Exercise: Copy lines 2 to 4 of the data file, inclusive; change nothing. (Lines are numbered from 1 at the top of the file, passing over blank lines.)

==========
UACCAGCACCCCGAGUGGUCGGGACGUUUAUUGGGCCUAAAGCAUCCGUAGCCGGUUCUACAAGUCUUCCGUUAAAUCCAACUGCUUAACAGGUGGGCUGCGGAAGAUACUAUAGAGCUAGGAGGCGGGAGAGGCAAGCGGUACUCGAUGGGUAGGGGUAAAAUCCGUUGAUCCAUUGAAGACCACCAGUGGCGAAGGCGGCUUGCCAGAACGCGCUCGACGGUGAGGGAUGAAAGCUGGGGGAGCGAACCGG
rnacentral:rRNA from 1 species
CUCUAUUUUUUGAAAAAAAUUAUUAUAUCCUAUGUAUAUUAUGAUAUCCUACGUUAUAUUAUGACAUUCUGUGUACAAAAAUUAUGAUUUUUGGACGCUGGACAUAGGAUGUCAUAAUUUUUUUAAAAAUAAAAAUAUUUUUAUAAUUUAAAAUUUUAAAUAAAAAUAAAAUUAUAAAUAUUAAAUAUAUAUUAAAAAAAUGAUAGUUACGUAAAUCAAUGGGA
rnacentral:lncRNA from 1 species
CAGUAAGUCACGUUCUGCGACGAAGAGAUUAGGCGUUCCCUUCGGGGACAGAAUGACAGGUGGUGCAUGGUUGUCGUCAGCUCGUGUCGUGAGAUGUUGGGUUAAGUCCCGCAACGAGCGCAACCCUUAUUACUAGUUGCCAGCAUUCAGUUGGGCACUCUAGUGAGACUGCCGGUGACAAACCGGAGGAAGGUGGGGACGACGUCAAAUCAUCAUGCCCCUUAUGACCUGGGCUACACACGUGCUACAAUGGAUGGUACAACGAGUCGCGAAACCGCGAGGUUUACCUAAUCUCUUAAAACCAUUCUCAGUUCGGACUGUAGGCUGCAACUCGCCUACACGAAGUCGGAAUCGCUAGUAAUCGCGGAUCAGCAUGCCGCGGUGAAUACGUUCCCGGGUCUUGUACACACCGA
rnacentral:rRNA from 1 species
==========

rnacentral:rRNA from 1 species
CUCUAUUUUUUGAAAAAAAUUAUUAUAUCCUAUGUAUAUUAUGAUAUCCUACGUUAUAUUAUGACAUUCUGUGUACAAAAAUUAUGAUUUUUGGACGCUGGACAUAGGAUGUCAUAAUUUUUUUAAAAAUAAAAAUAUUUUUAUAAUUUAAAAUUUUAAAUAAAAAUAAAAUUAUAAAUAUUAAAUAUAUAUUAAAAAAAUGAUAGUUACGUAAAUCAAUGGGA
rnacentral:lncRNA from 1 species